ESPN, the Walt Disney Co.-owned giant of sports broadcasting, is firing about five percent of its workforce — about 400 of its 7000 employees — in an effort to reduce operating expenses. Many say the all-sports network, which is still growing despite this latest round of cuts, has spent way too much on exclusive sports programming — such as its recent acquisition of the exclusive rights to the U.S. Open Tennis Tournament, beginning in 2015.
“We are implementing changes across the company to enhance our continued growth while smartly managing costs,” ESPN said in a statement last week. “While difficult, we are confident that it will make us more competitive, innovative and productive.”
About 4000 employees work at ESPN headquarters in Bristol, CT. The cuts are happening across the Disney company. In April, Disney laid off about 150 people at LucasArts, the video-game making division of Lucasfilm, and about the same number at the Disney movie studio in April. That layoff was attributed to the decline in DVD sales as consumer habits shift to digital forms of home entertainment.
The New Haven Register reported that about 100 workers would be laid off in Connecticut. This, the newspaper said, has drawn fire from political leaders in the state because ESPN accepted incentives from the state in exchange for creating jobs. The company was included in Gov. Dannel Malloy’s First Five Economic incentive program.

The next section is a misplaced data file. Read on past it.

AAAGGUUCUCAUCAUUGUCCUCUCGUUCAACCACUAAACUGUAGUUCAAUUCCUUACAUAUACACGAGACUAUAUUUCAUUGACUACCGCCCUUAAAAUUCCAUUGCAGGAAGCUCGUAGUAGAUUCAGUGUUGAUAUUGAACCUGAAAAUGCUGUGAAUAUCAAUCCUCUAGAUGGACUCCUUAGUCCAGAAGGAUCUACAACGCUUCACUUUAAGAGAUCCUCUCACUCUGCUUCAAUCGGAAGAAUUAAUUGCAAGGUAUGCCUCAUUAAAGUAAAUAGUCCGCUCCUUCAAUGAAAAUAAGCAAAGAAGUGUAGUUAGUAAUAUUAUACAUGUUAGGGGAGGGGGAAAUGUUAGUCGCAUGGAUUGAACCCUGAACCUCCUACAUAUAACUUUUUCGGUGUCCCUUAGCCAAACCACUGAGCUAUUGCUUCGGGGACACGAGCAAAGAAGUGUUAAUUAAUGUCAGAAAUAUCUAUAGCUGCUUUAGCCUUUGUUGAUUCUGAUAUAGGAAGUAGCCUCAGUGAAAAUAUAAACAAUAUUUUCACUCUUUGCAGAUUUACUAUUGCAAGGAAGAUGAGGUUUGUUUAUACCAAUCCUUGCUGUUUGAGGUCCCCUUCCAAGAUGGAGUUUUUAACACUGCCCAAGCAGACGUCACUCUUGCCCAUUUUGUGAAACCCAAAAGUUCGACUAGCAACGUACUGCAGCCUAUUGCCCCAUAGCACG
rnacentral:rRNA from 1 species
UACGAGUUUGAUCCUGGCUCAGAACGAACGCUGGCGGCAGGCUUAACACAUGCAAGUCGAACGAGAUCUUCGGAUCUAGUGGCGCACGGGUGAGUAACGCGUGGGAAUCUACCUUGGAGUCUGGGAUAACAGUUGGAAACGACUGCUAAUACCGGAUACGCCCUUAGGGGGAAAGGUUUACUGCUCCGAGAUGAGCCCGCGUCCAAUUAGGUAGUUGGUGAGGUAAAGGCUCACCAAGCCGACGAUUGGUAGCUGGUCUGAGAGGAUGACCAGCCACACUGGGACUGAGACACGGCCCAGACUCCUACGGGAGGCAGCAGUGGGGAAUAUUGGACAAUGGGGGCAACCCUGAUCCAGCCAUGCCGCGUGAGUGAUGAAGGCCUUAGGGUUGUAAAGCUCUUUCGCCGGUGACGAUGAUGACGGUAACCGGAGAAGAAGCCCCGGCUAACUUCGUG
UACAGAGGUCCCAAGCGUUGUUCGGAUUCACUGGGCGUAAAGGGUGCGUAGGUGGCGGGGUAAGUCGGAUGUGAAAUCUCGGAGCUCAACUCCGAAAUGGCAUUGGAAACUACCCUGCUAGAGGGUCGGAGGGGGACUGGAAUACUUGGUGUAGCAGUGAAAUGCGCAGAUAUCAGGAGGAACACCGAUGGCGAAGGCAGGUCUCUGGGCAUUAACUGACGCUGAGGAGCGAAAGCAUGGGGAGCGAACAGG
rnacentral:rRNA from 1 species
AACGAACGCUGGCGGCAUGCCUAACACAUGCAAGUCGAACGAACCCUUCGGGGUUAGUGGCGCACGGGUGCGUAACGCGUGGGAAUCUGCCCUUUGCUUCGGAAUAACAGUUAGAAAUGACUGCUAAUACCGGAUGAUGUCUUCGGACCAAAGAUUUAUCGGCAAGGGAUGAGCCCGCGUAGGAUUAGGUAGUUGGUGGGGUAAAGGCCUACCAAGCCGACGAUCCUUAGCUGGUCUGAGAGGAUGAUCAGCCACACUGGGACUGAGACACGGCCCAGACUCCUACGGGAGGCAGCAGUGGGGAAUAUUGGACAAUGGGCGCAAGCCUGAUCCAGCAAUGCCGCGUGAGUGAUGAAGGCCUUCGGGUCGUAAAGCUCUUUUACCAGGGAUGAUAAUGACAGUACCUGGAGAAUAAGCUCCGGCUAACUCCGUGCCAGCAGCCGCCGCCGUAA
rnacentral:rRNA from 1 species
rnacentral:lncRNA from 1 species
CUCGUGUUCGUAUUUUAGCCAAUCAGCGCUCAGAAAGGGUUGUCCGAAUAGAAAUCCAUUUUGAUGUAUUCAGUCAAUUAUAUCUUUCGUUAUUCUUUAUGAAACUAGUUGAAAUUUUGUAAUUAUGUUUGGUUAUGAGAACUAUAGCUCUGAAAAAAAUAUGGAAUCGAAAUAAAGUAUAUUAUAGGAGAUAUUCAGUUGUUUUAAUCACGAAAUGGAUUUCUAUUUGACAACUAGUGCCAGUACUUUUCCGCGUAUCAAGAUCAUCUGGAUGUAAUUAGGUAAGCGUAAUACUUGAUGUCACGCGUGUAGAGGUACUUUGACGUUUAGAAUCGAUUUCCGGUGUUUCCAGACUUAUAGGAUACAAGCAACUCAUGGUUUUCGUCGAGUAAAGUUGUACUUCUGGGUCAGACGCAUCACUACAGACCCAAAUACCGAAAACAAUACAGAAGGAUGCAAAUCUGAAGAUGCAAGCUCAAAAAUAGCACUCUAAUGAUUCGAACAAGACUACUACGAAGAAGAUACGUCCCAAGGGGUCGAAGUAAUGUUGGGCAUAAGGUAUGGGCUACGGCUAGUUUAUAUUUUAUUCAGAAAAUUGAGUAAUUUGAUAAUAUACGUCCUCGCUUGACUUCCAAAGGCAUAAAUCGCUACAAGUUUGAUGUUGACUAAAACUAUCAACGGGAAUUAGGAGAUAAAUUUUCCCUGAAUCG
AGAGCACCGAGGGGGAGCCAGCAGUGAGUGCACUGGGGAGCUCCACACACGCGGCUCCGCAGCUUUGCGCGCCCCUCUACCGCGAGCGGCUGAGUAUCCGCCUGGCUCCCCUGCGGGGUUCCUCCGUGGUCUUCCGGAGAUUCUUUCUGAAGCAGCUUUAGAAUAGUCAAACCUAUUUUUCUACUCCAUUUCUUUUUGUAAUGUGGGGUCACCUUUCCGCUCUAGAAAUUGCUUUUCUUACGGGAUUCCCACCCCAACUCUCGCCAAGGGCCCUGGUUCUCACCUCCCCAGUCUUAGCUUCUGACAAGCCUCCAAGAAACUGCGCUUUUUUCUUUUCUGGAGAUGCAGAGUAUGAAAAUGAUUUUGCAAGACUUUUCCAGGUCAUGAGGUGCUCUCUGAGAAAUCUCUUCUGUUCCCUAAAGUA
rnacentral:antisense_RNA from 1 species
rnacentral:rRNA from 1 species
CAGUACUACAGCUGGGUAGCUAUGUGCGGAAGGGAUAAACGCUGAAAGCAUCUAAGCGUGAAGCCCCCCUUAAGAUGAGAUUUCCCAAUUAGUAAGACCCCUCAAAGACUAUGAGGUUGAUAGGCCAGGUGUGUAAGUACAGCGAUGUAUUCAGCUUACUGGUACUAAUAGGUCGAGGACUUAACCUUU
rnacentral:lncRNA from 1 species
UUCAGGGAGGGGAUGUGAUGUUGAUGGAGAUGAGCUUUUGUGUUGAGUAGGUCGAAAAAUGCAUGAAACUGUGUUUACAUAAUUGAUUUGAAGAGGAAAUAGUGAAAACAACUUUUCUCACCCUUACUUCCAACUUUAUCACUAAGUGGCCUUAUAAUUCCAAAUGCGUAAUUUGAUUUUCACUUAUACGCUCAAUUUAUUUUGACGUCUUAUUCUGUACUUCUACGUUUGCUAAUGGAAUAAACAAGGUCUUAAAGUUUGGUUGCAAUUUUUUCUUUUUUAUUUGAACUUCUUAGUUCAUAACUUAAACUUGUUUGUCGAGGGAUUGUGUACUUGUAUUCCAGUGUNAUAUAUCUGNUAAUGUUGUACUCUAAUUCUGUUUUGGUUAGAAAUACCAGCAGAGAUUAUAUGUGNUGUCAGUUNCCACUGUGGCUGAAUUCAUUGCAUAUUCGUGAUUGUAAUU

ESPN joined the program in August 2011, agreeing to create at least 200 jobs over a five-year period. In return for creating the jobs, the company got a 10-year, $17.5 million loan from the Department of Economic and Community Development for the construction of a new media production facility that will open next spring.
U.S. Sen. Richard Blumenthal (D-Conn.) said ESPN needs to live up to the commitments it has made to the state as part of the First Five program.
“I hope and expect that they will keep that promise,” Blumenthal said. “Layoffs should always be a last resort, and I hope that ESPN can find other opportunities within the company for these individuals.”
Forbes said the layoffs at ESPN should come as no surprise. ESPN has purchased virtually ever sports property to come on sale lately, leaving its competition the leftovers. Just last week, ESPN spent $825 million for an 11-year contarct to broadcast the U.S. Open, beginning in 2015.
A former ESPN employee, reported Deadspin.com, said that the cost cutting was due to massive programming investments threatening ESPN’s bottom line.
Disney has been successful financially, beating or matching earnings per share estimates for the last eight quarters. The company reported a 32-percent gain in net income for its fiscal second-quarter earnings two weeks ago. Fees from ESPN’s distributors exploded in the latest quarter.
ESPN has also seen costs increase with skyrocketing prices for the broadcasting rights to live sports. Live sporting events have become increasingly valuable in an age of fractured audiences and DVRs. That drives up rights fees, but also makes the programming more appealing to advertisers and allows ESPN to try to charge more from cable and satellite operators.
However, any threat to ESPN’s profitability is a threat to Disney’s bottom line. ESPN is responsible for almost 60 percent of the Disney’s profits, and the network comprises about half of Disney’s total value.